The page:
“Just take me out for dinner,” I said. “I don’t need anything currently, and you know I’m not really a ‘stuff’ girl. I prefer experiences.” This is true. It’s also probably a good thing, because our Cottage definitely does not have room for any more stuff. And I like going out for dinner. He didn’t seem particularly convinced by this, though, until maybe a week later when, the day after we had taken Cousin Elizabeth out for a really nice hike and then she had gone away again, I got home from work and said, “I want to go somewhere. I wish this were fair season. I want to go to a fair.”

This reminds me. I never really wrote about that visit. I should at least post a photo.

That reminds me. I never really wrote about this visit. I should at least post a photo.

Last Friday, he said, “Hey! The Brimfield Fair is this weekend!”

The next day we went to the Brimfield Fair. We’ve been having an incredibly intense and soggy heatwave for a couple of weeks, so walking through the fair was a little like slogging through soup (first it rained, and then it was so muggy we couldn’t dry out), but it was really fun! He told me to pick something out for him to buy me, and I suppose he thought I’d go for something a little pricier than what I chose. I saw lots of things I liked–like retro typewriters (is that redundant? aren’t all typewriters retro?) and some fancy old inkwells, but nothing I could really countenance dropping the cash on at this point in my life. I mean, if we ever buy a farm in New Hampshire like we talk about sometimes, and there’s enough room for me to have my own writing studio, and even more if I’m actually writing stuff that lots of people are reading, maybe I’ll decorate my studio with those things, but for now they seem a little superfluous.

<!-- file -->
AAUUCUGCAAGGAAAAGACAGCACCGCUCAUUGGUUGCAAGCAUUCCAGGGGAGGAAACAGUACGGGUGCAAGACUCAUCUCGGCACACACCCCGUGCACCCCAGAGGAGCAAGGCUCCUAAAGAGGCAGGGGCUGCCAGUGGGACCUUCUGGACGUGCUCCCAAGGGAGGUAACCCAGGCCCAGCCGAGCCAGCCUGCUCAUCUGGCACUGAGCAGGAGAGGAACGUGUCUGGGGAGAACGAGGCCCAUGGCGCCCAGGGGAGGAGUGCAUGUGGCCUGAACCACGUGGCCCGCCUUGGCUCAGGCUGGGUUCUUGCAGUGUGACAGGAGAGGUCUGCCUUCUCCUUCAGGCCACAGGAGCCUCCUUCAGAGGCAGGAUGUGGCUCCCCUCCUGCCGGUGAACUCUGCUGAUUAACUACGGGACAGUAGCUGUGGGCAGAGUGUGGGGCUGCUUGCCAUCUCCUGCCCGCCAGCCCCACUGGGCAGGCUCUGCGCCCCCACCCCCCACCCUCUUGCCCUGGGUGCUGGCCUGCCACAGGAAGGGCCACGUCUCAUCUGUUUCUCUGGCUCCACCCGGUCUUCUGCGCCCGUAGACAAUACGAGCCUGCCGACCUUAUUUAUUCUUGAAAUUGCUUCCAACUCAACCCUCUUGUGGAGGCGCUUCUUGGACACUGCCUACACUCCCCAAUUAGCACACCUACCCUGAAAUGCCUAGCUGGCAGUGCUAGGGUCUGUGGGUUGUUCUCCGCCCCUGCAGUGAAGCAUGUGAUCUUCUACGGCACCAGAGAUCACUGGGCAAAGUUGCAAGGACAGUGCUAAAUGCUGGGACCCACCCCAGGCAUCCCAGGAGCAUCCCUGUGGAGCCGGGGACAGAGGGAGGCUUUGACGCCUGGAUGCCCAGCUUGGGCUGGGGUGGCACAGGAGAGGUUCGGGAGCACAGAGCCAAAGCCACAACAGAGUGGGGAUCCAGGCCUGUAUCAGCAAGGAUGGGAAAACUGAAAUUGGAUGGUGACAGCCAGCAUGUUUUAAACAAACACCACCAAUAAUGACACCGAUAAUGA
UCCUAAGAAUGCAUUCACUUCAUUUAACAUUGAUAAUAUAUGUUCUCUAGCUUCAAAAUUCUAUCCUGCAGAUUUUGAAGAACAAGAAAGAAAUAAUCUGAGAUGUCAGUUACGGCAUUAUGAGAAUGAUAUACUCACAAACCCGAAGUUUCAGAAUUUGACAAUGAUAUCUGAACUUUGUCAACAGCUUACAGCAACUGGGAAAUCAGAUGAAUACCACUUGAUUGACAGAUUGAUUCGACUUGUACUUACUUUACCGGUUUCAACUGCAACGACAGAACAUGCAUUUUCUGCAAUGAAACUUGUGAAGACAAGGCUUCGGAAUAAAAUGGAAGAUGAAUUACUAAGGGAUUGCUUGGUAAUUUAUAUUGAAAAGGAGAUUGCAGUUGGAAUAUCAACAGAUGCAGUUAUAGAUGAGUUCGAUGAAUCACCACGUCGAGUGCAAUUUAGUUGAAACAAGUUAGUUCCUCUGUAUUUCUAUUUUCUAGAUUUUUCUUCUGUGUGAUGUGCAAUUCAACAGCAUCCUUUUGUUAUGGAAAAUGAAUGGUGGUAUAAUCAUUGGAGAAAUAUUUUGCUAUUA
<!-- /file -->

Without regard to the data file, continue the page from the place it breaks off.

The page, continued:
I'm going for the one in the back. That way I can rest my quills across the top.

I’m going for the ones in the back. That way I can rest my quills across the top.

What I ended up choosing was a small 60’s or 70’s era American Tourister suitcase.

Random, you say? Not so!

Random, you say? Not so!

First of all, I have a thing for non-traditional handbags. Last year I bought a leather purse at this fair. I love it and use it every single day even though it doesn’t match every single outfit. Because I’m rebellious in that way. (Also because I would totally forget my wallet half the time if I had to keep switching bags like that.)

What I really wanted this for, however, was to sell things out of the trunk of my car. Specifically, Trees in the Pavement. Here’s the deal, guys. I want this book to sell somehow, but I haven’t seen a royalty from it since the year of publication, and I’ve discovered it’s more cost-effective for me to purchase my own copies at my author discount, and then sell it  full price. (What’s been happening lately is that I’ve been consigning it to local businesses who then forget to give me my cut.) So you can buy it from me here at the Jenn Store, or, if you see me in person, you can buy one out of the trunk of my car. The trouble was, I had been unable to store it in the trunk of my car for a while, because the box the books were in was self destructing. Now I can carry them around in this cute little suitcase much more soundly.

Psst! Hey! I got the stuff!

Psst! Hey! I got the stuff!

I think you should buy one.